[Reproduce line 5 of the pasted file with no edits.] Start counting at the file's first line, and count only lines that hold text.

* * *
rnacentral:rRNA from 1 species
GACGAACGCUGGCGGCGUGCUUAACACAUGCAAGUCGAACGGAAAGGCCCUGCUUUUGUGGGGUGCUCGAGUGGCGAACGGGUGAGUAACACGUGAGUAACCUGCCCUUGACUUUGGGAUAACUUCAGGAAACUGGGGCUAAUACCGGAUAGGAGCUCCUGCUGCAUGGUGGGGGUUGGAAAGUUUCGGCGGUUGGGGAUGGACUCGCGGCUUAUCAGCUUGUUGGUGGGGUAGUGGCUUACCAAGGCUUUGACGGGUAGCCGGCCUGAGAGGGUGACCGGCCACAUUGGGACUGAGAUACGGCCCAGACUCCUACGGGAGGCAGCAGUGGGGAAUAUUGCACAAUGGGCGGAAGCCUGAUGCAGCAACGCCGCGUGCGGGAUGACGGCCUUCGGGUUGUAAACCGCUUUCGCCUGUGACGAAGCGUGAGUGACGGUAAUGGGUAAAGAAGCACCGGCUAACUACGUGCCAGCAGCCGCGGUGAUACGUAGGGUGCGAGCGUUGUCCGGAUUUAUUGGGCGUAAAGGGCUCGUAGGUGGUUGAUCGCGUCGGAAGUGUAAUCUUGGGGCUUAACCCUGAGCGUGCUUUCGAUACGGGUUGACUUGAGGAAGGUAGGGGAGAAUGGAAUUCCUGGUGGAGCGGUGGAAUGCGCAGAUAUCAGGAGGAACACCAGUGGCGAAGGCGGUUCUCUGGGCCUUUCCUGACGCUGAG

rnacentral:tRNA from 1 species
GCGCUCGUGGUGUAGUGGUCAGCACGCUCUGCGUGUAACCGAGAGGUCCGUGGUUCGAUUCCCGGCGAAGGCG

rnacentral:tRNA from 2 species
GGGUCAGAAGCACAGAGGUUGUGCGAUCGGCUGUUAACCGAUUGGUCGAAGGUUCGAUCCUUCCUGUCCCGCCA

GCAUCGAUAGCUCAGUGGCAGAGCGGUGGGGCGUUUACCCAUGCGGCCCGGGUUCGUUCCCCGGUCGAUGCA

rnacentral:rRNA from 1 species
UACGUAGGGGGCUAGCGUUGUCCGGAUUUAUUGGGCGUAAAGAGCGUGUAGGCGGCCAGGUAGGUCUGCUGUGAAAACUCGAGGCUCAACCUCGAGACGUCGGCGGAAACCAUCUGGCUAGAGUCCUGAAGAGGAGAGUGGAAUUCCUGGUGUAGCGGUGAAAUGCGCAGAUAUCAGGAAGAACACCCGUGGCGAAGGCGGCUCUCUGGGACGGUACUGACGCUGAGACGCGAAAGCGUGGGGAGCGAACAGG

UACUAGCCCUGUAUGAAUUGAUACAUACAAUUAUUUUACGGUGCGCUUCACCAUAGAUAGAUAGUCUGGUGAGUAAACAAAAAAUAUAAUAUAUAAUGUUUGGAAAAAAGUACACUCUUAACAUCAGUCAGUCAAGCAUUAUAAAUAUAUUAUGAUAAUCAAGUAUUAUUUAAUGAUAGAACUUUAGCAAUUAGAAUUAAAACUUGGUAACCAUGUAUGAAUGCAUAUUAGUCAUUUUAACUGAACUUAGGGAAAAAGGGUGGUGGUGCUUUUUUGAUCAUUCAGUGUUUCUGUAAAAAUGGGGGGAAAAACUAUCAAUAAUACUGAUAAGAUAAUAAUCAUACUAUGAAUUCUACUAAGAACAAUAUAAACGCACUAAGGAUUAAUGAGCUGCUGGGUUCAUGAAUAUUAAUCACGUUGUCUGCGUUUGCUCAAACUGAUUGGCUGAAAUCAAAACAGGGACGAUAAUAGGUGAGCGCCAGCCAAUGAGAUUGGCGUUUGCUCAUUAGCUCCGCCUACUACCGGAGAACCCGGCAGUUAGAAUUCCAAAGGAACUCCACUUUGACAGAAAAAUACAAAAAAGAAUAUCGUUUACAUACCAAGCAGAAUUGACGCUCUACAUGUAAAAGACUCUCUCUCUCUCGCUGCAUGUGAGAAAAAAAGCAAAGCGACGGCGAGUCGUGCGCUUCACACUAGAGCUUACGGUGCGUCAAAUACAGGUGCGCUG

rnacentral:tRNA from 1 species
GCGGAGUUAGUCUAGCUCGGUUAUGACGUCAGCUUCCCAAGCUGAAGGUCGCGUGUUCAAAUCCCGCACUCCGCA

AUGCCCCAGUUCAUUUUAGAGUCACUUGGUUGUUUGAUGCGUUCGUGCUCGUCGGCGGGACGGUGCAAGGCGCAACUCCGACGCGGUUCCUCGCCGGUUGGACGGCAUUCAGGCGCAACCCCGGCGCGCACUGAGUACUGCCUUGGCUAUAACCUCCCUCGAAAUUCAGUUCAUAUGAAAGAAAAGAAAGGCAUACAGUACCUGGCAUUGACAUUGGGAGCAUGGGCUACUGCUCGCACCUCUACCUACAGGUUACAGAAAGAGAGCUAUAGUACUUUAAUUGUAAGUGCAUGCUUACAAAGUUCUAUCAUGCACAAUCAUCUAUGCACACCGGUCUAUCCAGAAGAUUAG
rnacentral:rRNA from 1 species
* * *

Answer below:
rnacentral:tRNA from 2 species